Gov. Edwards opens legislative session, announces coronavirus found in La.

Published: March 11, 2020

By: Maria Marsh, Catherine Hunt and Paige Daniel, LSU Manship School News Service

BATON ROUGE–Gov. John Bel Edwards on Monday disclosed the first case of coronavirus in Louisiana, a Jefferson Parish resident who was hospitalized in Orleans Parish.

While the case of covid-19 has yet to be confirmed by the Centers for Disease Control, the state is treating it as a “presumptive positive,” he said.
“Now together we all—as a government, as health care systems and providers, as schools, businesses and as neighbors—must take action and be vigilant to prevent the spread of this virus in our great state,” Edwards said.
Edwards made the announcement as he addressed the Louisiana Legislature to begin this spring’s session.

Edwards told returning legislators, as well as 45 freshman representatives and 20 freshman senators, that the state can move forward only through bipartisanship, especially in areas where it does worse than other states, including education and the cost of auto-insurance.

Edwards, the only Democratic governor in the Deep South, won re-election last fall. Republicans gained more seats in the Legislature and now have a supermajority, or two-thirds of the seats, in the Senate. They are now only two seats away from holding a supermajority in the House.

One of the biggest issues that the Legislature will face this session is how to lower insurance premiums.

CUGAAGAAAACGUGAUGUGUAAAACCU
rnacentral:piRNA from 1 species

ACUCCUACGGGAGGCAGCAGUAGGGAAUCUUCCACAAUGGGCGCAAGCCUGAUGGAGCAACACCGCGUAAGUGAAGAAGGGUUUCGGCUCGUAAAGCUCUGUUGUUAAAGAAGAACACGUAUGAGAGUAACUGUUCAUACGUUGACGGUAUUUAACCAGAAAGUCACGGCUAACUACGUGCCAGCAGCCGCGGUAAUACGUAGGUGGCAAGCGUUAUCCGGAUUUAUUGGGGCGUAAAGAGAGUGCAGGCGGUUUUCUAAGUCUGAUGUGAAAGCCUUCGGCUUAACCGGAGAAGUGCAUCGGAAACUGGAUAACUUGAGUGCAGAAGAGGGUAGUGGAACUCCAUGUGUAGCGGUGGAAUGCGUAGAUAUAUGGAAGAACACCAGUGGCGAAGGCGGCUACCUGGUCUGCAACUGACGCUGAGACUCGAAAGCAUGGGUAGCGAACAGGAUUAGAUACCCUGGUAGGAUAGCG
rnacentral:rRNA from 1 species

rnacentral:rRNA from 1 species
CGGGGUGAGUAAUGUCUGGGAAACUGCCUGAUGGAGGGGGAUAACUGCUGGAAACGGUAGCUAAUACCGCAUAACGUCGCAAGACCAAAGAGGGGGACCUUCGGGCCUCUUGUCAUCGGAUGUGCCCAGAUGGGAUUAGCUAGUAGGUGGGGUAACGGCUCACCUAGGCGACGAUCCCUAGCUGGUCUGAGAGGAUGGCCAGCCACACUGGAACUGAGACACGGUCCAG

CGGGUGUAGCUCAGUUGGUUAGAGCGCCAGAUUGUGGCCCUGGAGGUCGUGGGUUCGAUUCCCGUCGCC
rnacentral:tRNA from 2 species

Louisiana residents pay the second highest auto-insurance rates in the country, behind only Michigan. Little has been done in the past four years on this front, and lowering rates ranks high on the agendas of both Edwards and Republican lawmakers.

“Auto insurance costs too much in Louisiana, period,” Edwards said.

Edwards would like to shift from auto-insurance rates being based on an individual’s sex, profession and other personal aspects. He proposes having flat basic rates that fluctuates with an individual’s driving record.

He said, for instance, that some insurers now charge higher rates to widows, people with poor credit scores and even deployed servicemen.

“We have 130 guardsmen currently mobilized, and we are about to have nearly 2,000 more deployed at the end of the year,” Edwards said. “And we should do everything in our power to make sure they are not penalized when they return.”

Republicans lawmakers have said they will continue to try to reduce premiums by changing the state’s litigious climate. Edwards said he was willing to seek compromises with the Republicans in that area, known as tort reform.

Read more at the Bossier-Press Tribune.

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